Three FATF-related bills passed; four additional legislations passed in absence of opposition
A joint session of Parliament on Wednesday passed amendments to three bills that the government claims are essential to fulfill the requirements of the Financial Action Task Force (FATF) and prevent Pakistan from being placed on a blacklist.
The session began in acrimony, as the opposition claimed their numbers had been miscounted and demanded a recount that was rejected by National Assembly Speaker Asad Qaiser. As clause-by-clause reading of proposed amendments began, the opposition staged a walkout to protest the government’s rejections of their proposals and over not being allowed to speak.
Three bills linked to the FATF were passed during the joint sitting. All three had earlier had been passed by the National Assembly but had subsequently been rejected by the Senate.
- Islamabad Capital Territory Waqf Properties Bill 2020
The legislation is aimed at the proper management, supervision, and administration of Waqf properties within the federal capital.
- Anti-Money Laundering (Second Amendment) Bill
The bill aims to streamline the existing anti-money laundering laws in line with the international standards prescribed by the FATF. The government and opposition appeared to differ the most on this legislation. It has omitted clauses 8 and 9 and inserted the following clause: “The investigation officer may with the permission of the court, within 60 days of such permission, use techniques including undercover operations, intercepting communications, assessing computer system and controlled delivery of investigation of offenses of money laundering, associated predicate offenses and financing of terrorism. The aforementioned period of 60 days may be extended up to further period of 60 days by the court on a request made to it in writing.”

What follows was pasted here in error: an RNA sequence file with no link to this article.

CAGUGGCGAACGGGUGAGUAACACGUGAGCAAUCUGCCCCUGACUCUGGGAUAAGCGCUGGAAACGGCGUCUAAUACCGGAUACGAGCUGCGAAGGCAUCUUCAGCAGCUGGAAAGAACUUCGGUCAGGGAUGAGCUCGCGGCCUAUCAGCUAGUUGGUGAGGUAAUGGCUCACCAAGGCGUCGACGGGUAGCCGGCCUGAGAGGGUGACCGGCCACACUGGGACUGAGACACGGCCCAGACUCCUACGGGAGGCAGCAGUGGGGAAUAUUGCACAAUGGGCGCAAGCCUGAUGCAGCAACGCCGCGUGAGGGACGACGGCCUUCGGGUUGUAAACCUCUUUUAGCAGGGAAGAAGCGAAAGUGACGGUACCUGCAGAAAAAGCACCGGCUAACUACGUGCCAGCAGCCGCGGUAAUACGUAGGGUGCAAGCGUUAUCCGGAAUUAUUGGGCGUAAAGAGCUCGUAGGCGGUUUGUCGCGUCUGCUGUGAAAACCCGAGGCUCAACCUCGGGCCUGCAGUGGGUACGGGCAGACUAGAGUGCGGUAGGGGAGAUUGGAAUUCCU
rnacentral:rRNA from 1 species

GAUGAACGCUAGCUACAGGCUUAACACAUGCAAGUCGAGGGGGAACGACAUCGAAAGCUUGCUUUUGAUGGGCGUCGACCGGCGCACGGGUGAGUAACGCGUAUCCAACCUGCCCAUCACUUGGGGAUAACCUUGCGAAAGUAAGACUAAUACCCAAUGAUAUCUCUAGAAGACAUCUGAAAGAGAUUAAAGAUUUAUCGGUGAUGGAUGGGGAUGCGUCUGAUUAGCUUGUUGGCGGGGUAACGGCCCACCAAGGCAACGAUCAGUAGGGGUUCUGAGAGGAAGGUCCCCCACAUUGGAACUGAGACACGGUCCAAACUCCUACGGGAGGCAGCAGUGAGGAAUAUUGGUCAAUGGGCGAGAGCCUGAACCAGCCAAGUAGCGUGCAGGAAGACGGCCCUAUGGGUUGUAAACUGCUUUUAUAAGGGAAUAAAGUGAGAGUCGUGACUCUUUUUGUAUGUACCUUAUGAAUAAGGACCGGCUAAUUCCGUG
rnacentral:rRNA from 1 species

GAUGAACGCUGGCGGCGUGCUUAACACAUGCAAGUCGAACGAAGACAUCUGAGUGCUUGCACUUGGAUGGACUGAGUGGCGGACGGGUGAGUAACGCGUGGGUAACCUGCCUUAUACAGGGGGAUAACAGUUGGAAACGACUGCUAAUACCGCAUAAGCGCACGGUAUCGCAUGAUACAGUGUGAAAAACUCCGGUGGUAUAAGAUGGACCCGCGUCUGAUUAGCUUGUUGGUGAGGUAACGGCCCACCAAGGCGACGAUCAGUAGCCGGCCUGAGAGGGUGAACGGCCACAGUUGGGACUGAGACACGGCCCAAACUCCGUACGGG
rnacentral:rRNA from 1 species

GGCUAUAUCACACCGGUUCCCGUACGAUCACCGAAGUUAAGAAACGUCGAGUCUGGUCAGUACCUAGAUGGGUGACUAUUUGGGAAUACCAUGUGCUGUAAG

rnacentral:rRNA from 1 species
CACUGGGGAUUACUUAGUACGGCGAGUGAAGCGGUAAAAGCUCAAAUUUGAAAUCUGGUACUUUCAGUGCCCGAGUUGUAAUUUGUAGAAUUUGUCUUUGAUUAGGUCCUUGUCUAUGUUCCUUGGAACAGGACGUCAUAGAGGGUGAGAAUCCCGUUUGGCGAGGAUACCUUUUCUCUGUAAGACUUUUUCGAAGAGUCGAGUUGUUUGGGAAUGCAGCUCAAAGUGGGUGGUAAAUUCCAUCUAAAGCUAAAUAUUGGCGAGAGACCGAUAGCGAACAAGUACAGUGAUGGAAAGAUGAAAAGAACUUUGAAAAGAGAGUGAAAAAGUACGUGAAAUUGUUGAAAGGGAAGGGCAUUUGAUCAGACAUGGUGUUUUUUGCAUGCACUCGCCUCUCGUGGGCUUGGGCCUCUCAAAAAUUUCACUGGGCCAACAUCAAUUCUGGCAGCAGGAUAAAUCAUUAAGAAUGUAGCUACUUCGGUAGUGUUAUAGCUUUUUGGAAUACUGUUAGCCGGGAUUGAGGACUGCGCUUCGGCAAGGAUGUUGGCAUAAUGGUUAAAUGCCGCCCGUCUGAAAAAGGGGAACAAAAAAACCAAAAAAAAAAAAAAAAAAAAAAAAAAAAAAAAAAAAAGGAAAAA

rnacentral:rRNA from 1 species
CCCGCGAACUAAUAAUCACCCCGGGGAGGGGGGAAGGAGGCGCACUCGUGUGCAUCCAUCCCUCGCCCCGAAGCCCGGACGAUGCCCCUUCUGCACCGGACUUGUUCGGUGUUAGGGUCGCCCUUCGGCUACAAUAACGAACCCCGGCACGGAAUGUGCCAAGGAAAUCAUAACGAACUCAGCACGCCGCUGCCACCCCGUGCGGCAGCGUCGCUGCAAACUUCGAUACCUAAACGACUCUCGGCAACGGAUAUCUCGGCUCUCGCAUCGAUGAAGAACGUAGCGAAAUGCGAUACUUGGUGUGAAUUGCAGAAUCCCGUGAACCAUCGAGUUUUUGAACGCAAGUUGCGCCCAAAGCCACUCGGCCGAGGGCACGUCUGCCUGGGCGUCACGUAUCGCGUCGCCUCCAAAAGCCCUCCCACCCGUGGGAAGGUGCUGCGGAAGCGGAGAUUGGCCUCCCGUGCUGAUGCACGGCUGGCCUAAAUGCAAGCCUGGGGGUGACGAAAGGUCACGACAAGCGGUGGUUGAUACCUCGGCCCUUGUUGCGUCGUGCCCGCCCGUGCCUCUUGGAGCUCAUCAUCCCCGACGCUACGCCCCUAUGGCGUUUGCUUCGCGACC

- Anti-Terrorism Act (Third Amendment) Bill 2020
The bill’s primary focus is to curb terror financing, which is the primary concern of the FATF with Pakistan.
Additionally, as part of a supplementary agenda that took advantage of the opposition’s boycott, the joint sitting also passed The Surveying and Mapping (Amendment) Bill 2020, which seeks to prevent the printing, displaying, dissemination or use of any incorrect and unofficial map of Pakistan; The Islamabad High Court (Amendment) Bill 2019 which envisages increasing the number of judges appointed to the court from seven to 10 for early disposal of pending cases; The Pakistan Medical Commission Bill 2019 and The Medical Tribunal Bill 2019, which permits colleges to increase their fees and increases the number of exams doctors have to sit for prior to getting qualified; and The ICT Rights of Persons with Disability Bill 2020, which governs the rights and inclusion of differently-abled persons in society.
Following their boycott, the opposition leaders staged a joint press conference in which it criticized the manner in which the government had passed the legislations. PMLN leader Shahbaz Sharif said this was a “black day in the history of democracy,” and accused the government and National Assembly speaker of crossing all “red lines.” He added: “Until now, the opposition cooperated with the government for the sake of Pakistan.”
PPP chief Bilawal Bhutto-Zardai, meanwhile, slammed the government’s refusal for a recount, claiming it proved treasury members were “scared of being exposed.” He said the opposition’s only remaining option was a no-confidence motion and vowed that the upcoming all-parties conference would deliberate on this.